Although my first days of bar hopping were not the best, I have some "moments", both good and bad at the bar.  Good as in being able to successfully do a  Muff Diver after several drinks on my 23rd birthday.  Bad, as in being abandoned at the Top Hat after some of my friends almost got into a fight (a couple of them went to jail while my friend Brian had a gun pulled on him). 

One thing I have learned is that going to the bar by yourself is no fun, mainly because it made me feel like an outsider.  The only times I ever did was to watch UFC.  A $15 dollar meal, two beers, and free soda vs. paying $45 dollars for a pay per view was nice.  Plus whenever I brought a notebook with me, it kind of sparked people's curiosity. 

In the last six months, I've cut the barhopping for a number of reasons.  The cost of going out, the fact that they don't show UFC anymore, and beer pong have all played a factor. Don't get me wrong, going to the bar is fun if one of three things are happening:

A) It's your birthday, which means you don't have to pay for drinks
B) If there's a band you like that is playing, or a special event going on
C) Football!

As I've gotten older, I've learned that as long as you have good friends with you, it doesn't really matter where you are.  You're still going to have a good time no matter what.


Off the Top of Your Head?

Do you prefer going out on the town with friends? 


Do you prefer kicking it at your place or at a friend's?


The Swinging Doors.  Always a fun place to visit and eat

The Satellite Diner.  One of the best places to eat in town and it's pretty much open all hours

The Official website of the Golden Globe Award Winning movie: The Hangover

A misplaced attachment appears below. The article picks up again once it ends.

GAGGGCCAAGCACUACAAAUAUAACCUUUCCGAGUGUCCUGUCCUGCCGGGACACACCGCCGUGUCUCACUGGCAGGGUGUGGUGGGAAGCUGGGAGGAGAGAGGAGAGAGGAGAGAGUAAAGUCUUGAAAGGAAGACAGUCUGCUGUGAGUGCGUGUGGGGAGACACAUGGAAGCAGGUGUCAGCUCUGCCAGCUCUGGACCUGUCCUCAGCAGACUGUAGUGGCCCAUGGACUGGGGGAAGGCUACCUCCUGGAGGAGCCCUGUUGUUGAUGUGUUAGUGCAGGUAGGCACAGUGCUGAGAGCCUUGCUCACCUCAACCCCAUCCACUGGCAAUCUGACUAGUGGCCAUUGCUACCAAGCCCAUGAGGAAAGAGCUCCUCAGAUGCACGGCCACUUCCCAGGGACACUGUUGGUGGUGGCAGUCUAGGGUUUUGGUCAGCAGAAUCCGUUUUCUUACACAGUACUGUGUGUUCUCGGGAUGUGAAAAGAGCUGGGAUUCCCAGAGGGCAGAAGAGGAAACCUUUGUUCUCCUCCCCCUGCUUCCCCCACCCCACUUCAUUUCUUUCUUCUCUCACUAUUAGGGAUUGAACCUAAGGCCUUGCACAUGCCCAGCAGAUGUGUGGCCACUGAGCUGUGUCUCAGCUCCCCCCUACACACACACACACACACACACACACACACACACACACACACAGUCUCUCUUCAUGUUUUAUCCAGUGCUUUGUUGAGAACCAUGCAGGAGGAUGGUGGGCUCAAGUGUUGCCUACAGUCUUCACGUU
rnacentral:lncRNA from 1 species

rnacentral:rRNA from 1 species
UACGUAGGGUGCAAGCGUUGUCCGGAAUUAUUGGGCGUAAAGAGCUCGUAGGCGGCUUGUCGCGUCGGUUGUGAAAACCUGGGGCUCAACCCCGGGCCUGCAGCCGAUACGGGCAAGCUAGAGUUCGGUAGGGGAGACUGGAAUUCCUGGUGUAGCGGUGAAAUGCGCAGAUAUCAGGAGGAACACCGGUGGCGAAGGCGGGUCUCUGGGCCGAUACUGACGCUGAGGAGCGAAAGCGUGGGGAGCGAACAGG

* As always, check out the SFCC Communicator website for the latest updates

* You can reach me by email at

Rage in the cage

photo by Jarad Alexander

The gymnasium smelled of sweat and pizza as fans filled the bleachers and seats surrounding the six-sided cage. On the opposite side of the room, 22 competitors were preparing themselves for battle.

Northwest Fighting presented Spokane Showdown 18. The event took place on Nov. 7 at the East Central Community Center. The event featured 11 mixed martial arts bouts in front of an audience of all ages...

To read the rest of the story, visit the link below to the Communicator website. And be sure to check out the rest of the website.

Rage in the cage

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Sunday, January 10, 2010

Predictions for Fight Night: Diaz vs. Maynard

Main Card

Lightweight bout: United States Gray Maynard vs. United States Nate Diaz

Diaz def. Maynard by majority decision

Lightweight bout: Mexico Efrain Escudero vs. United States Evan Dunham

Escudero def. Dunham by submission

Middleweight bout: United States Tom Lawlor vs. United States Aaron Simpson

Simpson def. Lawlor by TKO

Welterweight bout: United States Amir Sadollah vs. United States Brad Blackburn

Sadollah def. Blackburn by Majority Decision

Preliminary Card

Middleweight bout: United States Chris Leben vs. Brazil Jay Silva

Silva def. Leben by Knock-Out

Welterweight bout: United States Rick Story vs. United States Jesse Lennox

Lennox def. Story by TKO

Lightweight bout: Brazil Thiago Tavares vs. United States Nik Lentz

Lentz def. Tavares by Majority decision

Welterweight bout: United States Mike Guymon vs. Canada Rory MacDonald

Guymon def. by Majority Decision

Lightweight bout: United States Kyle Bradley vs. Brazil Rafael dos Anjos

 dos Anjos def. Bradley by Submission

Middleweight bout: United States Gerald Harris vs. United States John Salter

Salter def. Harris by Majority Decision

Middleweight bout: United States Nick Catone vs. United States Jesse Forbes

Forbes def. Catone by TKO

Off the top of your head What were your predictions for this fight card?  What MMA fight are you looking forward to in upcoming months?